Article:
No US official will attend Beijing Winter Olympics, White House announces
The United States will not send President Joe Biden or any U.S. government official to the Beijing Winter Olympics in February in a signal of displeasure over Chinas human rights abuses, the White House announced Monday.
The diplomatic boycott allows American athletes to participate in the Games, but is a significant political snub to Washington's greatest military and economic competitor.
Pressure to mount such a boycott has been building for months, with lawmakers from both parties and human rights advocates calling on the Biden administration to not attend in response to Beijing's repressive policies against democracy activists in Hong Kong and Uyghur Muslims in the Xinjiang region. The administration in March declared China's treatment of Uyghur Muslims a genocide.
"The Biden administration will not send any diplomatic or official representation to the Beijing 2022 Olympic and Paralympic games given the PRC's ongoing genocide and crimes against humanity in Xinjiang and other human rights abuses," said White House press secretary Jen Psaki. "The athletes on team USA have our full support. We will be behind them 100 percent as we cheer them on from home. We will not be contributing to the fanfare of the games."
Biden told reporters last month that he was weighing a diplomatic boycott.
The decision stands in contrast to 1980, when President Jimmy Carter kept U.S. officials and athletes out of the Summer Games in Moscow in response to the Soviet invasion of Afghanistan.
Though more than 60 countries joined the boycott in 1980, hundreds of American athletes were deprived of their chance at Olympic glory.
The U.S. government cannot unilaterally bar athletes from the Olympics or declare a boycott. The U.S. Olympic and Paralympic Committee, an independent nonprofit organization, has sole authority to make the final call.
"I want to stress that the Winter Olympic Games is not a stage for political posturing and manipulation," said Zhao Lijian, Chinese Foreign Ministry spokesman, on Monday, responding to reports that a boycott announcement was imminent. "U.S. politicians keep hyping a 'diplomatic boycott' without even being invited to the Games. This wishful thinking and pure grandstanding is aimed at political manipulation. It is a grave travesty of the spirit of the Olympic Charter, a blatant political provocation and a serious affront to the 1.4 billion Chinese people."
The Olympics host committee, Beijing 2022, said in a statement last month that it "has been upholding its commitment to hosting the Games in an open manner, and has been welcoming people from all walks of life and from all countries . . . to participate in the Games in their own ways."
Russian President Vladimir Putin will be attending the event, according to Russian media reports in September. He accepted an invitation from Beijing to attend despite Russian athletes being barred from competing under the Russian flag and anthem until December 2022 as a result of a long-running, state-sponsored doping program.
An International Olympic Committee spokesman did not immediately return a message seeking comment Monday.
For months, U.S. Olympic officials have voiced opposition to any sort of athlete protest, urging government leaders to pursue other avenues to voice displeasure with China and its policies.
"We greatly appreciate the unwavering support of the President and his administration and we know they will be cheering us on from home this winter," Sarah Hirshland, chief executive of the USOPC, said in a statement Monday. "Competing on behalf of the United States is an honor and a privilege, and Team USA is excited and ready to make the nation proud."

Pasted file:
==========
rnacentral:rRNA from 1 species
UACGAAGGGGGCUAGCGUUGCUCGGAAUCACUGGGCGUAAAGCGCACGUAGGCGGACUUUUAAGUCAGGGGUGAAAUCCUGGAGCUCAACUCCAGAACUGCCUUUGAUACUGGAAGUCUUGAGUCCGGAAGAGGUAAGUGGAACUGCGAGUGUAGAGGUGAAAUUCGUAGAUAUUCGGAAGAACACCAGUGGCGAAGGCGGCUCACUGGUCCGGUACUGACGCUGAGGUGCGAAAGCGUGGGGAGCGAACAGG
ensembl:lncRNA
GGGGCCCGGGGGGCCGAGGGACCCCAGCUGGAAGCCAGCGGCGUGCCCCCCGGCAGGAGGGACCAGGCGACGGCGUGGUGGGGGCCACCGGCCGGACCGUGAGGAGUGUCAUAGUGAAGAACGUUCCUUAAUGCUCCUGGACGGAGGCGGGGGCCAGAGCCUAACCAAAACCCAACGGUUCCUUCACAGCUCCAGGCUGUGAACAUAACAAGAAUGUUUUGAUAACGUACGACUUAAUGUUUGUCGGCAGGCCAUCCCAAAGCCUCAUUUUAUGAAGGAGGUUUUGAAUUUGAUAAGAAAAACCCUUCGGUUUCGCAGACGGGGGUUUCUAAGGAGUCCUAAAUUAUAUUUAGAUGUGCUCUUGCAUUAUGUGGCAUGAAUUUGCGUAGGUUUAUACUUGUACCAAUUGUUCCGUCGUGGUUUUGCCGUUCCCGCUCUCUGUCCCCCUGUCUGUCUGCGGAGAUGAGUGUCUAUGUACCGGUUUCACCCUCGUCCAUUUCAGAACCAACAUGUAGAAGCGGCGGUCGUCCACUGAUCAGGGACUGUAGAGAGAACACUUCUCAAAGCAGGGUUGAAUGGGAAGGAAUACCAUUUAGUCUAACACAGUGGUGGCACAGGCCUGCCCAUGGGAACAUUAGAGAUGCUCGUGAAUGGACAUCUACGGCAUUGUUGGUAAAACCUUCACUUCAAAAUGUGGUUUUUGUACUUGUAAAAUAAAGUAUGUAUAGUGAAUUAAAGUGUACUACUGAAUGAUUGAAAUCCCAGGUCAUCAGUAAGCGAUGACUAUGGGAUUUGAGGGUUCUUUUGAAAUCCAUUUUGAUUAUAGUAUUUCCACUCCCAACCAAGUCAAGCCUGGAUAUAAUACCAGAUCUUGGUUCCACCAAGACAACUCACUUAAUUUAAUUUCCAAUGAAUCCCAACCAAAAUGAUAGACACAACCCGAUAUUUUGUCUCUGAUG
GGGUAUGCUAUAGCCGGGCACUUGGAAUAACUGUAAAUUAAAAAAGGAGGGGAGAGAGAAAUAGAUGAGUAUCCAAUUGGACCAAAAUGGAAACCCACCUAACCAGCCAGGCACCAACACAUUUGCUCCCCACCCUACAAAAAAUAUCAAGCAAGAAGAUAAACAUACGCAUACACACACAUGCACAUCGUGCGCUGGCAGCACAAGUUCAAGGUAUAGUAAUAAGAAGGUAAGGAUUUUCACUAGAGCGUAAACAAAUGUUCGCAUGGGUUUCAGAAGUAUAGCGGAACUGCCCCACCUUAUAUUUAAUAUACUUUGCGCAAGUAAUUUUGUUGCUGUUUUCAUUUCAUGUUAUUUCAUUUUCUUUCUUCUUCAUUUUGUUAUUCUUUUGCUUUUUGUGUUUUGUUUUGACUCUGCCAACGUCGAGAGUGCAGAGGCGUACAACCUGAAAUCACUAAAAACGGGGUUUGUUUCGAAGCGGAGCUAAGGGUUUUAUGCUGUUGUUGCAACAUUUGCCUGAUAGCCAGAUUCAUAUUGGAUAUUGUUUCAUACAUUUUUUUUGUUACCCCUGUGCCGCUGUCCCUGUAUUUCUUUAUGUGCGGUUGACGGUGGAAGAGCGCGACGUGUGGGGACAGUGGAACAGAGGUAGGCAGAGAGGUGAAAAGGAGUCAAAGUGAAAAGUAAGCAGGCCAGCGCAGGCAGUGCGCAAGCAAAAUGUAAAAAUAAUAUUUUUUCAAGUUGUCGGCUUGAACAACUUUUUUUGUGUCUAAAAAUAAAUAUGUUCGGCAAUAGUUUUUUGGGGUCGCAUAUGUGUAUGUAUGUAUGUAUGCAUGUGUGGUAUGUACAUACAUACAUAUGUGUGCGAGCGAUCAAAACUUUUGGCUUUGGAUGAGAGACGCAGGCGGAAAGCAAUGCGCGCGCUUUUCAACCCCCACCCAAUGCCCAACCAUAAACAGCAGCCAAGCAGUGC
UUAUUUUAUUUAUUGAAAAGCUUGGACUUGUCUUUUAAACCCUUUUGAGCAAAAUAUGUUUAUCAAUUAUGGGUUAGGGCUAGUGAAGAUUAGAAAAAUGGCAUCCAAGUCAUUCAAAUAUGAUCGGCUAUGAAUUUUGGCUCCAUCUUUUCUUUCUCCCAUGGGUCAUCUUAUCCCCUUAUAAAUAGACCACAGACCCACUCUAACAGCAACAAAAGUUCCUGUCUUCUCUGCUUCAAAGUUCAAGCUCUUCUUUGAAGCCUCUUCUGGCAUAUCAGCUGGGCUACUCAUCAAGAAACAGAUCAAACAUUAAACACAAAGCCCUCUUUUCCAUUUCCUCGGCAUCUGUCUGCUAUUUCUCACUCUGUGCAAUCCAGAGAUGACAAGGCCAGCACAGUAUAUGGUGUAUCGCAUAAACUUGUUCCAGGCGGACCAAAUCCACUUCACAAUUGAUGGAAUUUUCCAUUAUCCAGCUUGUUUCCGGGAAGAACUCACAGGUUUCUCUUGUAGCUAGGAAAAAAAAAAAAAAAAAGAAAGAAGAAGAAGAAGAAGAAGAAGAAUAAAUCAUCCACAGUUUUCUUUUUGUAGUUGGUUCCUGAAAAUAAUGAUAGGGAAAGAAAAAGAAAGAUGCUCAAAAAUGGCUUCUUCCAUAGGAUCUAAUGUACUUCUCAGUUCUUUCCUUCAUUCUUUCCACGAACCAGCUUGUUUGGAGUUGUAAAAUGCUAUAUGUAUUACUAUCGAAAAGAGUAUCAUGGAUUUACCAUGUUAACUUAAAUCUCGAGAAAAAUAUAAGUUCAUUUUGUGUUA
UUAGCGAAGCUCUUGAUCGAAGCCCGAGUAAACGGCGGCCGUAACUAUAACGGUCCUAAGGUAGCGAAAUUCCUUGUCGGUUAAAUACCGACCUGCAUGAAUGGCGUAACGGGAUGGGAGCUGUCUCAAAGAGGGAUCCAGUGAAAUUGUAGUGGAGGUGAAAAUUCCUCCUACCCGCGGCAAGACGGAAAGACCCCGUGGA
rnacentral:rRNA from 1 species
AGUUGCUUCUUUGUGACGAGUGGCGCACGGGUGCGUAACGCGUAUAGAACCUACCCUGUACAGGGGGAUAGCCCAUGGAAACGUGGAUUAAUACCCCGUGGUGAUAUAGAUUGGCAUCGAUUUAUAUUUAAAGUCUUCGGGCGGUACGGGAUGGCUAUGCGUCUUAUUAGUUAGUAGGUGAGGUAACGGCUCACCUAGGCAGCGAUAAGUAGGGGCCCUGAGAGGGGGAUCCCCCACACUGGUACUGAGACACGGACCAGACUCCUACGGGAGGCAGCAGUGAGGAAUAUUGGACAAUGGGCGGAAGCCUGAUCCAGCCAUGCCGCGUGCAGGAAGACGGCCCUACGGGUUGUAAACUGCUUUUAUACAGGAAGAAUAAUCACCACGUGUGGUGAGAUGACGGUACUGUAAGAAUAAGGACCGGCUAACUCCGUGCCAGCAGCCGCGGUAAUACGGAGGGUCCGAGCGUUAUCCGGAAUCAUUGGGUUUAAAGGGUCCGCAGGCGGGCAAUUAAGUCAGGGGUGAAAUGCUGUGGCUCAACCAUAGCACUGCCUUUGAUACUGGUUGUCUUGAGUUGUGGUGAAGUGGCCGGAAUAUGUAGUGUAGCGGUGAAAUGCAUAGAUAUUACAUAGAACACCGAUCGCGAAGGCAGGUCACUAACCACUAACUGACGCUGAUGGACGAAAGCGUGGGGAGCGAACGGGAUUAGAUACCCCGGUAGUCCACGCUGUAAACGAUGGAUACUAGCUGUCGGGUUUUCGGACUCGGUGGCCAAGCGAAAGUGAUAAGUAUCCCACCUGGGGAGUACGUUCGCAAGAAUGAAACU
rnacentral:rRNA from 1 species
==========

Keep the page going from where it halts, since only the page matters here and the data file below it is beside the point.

With less than two months to go before the Beijing Opening Ceremonies, the announced diplomatic boycott is just the latest mark against a Winter Games that has been controversial since the day China was awarded hosting rights in 2015.
The country most recently has come under fire for its response to Chinese tennis star Peng Shuai's public accusations that she was sexually assaulted by Zhang Gaoli, a former vice premier who played a key role in securing the Beijing Winter Games.
Peng was not heard from for nearly three weeks, sparking concern across the sports world. She finally participated in a video call with IOC officials on Nov. 21, but Olympic leaders have faced heavy criticism for their handling of the matter, which the IOC has described as a "quiet diplomacy approach."
A diplomatic boycott is largely symbolic in nature and isn't likely to impact the competition or the related pageantry. Government leaders and other dignitaries are typically invited to the Summer and Winter Games at the behest of the organizers. They generally sit in private sections removed from the others in attendance. On some occasions, delegations include presidents or heads of state, but countries are often represented by ambassadors, presidential family members and other elected leaders.
The Tokyo Summer Olympics were closed to spectators but diplomatic representatives and dignitaries were allowed in the venues. The scaled-back U.S. contingent was led by Jill Biden, the first lady; Linda Thomas-Greenfield, the U.S. ambassador to the United Nations; and Raymond Greene, the chargé d'affaires ad interim at the U.S. Embassy in Tokyo.
President Donald Trump stayed home during the 2018 PyeongChang Olympics but sent a delegation that included Vice President Mike Pence and Ivanka Trump. Several U.S. presidents have also attended the Summer and Winter Olympics. President Barack Obama traveled to the 2012 Games in London and President George W. Bush attended the 2006 Games in Torino.